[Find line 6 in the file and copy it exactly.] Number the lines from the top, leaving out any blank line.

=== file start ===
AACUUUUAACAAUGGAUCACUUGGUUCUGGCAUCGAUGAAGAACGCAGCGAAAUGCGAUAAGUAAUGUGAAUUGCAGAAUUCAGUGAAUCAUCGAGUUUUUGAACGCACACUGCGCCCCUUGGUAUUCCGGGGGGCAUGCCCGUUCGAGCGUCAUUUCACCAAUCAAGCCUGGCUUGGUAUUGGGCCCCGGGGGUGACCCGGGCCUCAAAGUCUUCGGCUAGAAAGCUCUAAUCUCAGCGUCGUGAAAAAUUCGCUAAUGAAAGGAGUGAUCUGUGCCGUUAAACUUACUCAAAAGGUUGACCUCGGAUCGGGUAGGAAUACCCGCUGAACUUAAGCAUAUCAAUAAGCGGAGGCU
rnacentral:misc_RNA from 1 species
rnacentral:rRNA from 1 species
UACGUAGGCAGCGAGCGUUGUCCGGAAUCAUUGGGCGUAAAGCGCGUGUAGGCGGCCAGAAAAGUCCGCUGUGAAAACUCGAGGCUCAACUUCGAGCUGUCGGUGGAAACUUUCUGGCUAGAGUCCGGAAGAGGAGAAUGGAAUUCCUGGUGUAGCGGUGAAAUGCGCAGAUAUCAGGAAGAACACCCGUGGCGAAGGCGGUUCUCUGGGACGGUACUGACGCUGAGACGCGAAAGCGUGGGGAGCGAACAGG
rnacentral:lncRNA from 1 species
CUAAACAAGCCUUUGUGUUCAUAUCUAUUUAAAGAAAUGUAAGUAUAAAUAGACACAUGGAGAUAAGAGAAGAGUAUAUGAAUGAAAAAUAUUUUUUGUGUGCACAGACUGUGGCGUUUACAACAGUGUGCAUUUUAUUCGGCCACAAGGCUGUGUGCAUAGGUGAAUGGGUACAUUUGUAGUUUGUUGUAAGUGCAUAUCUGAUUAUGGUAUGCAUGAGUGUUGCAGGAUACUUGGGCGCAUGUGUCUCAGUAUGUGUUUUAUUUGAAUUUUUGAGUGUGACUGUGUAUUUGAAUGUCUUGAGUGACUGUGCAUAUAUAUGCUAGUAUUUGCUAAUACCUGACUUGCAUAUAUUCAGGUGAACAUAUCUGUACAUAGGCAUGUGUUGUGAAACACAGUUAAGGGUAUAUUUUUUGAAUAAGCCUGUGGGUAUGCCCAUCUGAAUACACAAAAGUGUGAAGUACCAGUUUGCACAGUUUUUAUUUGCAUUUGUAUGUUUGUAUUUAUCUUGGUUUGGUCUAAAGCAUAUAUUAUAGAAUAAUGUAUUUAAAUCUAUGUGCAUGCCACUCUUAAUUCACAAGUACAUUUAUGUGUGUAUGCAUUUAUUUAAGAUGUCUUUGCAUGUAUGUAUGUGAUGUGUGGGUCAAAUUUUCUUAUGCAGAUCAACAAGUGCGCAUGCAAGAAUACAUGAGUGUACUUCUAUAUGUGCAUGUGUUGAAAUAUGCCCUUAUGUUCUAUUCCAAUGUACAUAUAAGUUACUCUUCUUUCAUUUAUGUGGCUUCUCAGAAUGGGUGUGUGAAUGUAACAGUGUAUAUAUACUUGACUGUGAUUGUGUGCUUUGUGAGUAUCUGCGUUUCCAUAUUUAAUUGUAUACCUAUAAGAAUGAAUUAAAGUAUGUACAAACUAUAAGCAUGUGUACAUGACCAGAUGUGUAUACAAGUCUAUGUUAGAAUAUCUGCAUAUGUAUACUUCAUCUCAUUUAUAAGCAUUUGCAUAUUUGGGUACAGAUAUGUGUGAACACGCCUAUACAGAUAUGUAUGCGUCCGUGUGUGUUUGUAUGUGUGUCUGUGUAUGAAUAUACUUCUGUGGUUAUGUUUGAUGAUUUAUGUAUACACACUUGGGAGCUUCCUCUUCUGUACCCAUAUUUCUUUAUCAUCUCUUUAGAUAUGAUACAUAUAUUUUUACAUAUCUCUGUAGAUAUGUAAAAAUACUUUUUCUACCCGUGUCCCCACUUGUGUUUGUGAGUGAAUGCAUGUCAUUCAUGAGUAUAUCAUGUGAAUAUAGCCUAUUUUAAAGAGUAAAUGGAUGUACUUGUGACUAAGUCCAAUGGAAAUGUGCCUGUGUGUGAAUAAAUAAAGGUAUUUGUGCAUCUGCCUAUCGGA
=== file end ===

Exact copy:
CUAAACAAGCCUUUGUGUUCAUAUCUAUUUAAAGAAAUGUAAGUAUAAAUAGACACAUGGAGAUAAGAGAAGAGUAUAUGAAUGAAAAAUAUUUUUUGUGUGCACAGACUGUGGCGUUUACAACAGUGUGCAUUUUAUUCGGCCACAAGGCUGUGUGCAUAGGUGAAUGGGUACAUUUGUAGUUUGUUGUAAGUGCAUAUCUGAUUAUGGUAUGCAUGAGUGUUGCAGGAUACUUGGGCGCAUGUGUCUCAGUAUGUGUUUUAUUUGAAUUUUUGAGUGUGACUGUGUAUUUGAAUGUCUUGAGUGACUGUGCAUAUAUAUGCUAGUAUUUGCUAAUACCUGACUUGCAUAUAUUCAGGUGAACAUAUCUGUACAUAGGCAUGUGUUGUGAAACACAGUUAAGGGUAUAUUUUUUGAAUAAGCCUGUGGGUAUGCCCAUCUGAAUACACAAAAGUGUGAAGUACCAGUUUGCACAGUUUUUAUUUGCAUUUGUAUGUUUGUAUUUAUCUUGGUUUGGUCUAAAGCAUAUAUUAUAGAAUAAUGUAUUUAAAUCUAUGUGCAUGCCACUCUUAAUUCACAAGUACAUUUAUGUGUGUAUGCAUUUAUUUAAGAUGUCUUUGCAUGUAUGUAUGUGAUGUGUGGGUCAAAUUUUCUUAUGCAGAUCAACAAGUGCGCAUGCAAGAAUACAUGAGUGUACUUCUAUAUGUGCAUGUGUUGAAAUAUGCCCUUAUGUUCUAUUCCAAUGUACAUAUAAGUUACUCUUCUUUCAUUUAUGUGGCUUCUCAGAAUGGGUGUGUGAAUGUAACAGUGUAUAUAUACUUGACUGUGAUUGUGUGCUUUGUGAGUAUCUGCGUUUCCAUAUUUAAUUGUAUACCUAUAAGAAUGAAUUAAAGUAUGUACAAACUAUAAGCAUGUGUACAUGACCAGAUGUGUAUACAAGUCUAUGUUAGAAUAUCUGCAUAUGUAUACUUCAUCUCAUUUAUAAGCAUUUGCAUAUUUGGGUACAGAUAUGUGUGAACACGCCUAUACAGAUAUGUAUGCGUCCGUGUGUGUUUGUAUGUGUGUCUGUGUAUGAAUAUACUUCUGUGGUUAUGUUUGAUGAUUUAUGUAUACACACUUGGGAGCUUCCUCUUCUGUACCCAUAUUUCUUUAUCAUCUCUUUAGAUAUGAUACAUAUAUUUUUACAUAUCUCUGUAGAUAUGUAAAAAUACUUUUUCUACCCGUGUCCCCACUUGUGUUUGUGAGUGAAUGCAUGUCAUUCAUGAGUAUAUCAUGUGAAUAUAGCCUAUUUUAAAGAGUAAAUGGAUGUACUUGUGACUAAGUCCAAUGGAAAUGUGCCUGUGUGUGAAUAAAUAAAGGUAUUUGUGCAUCUGCCUAUCGGA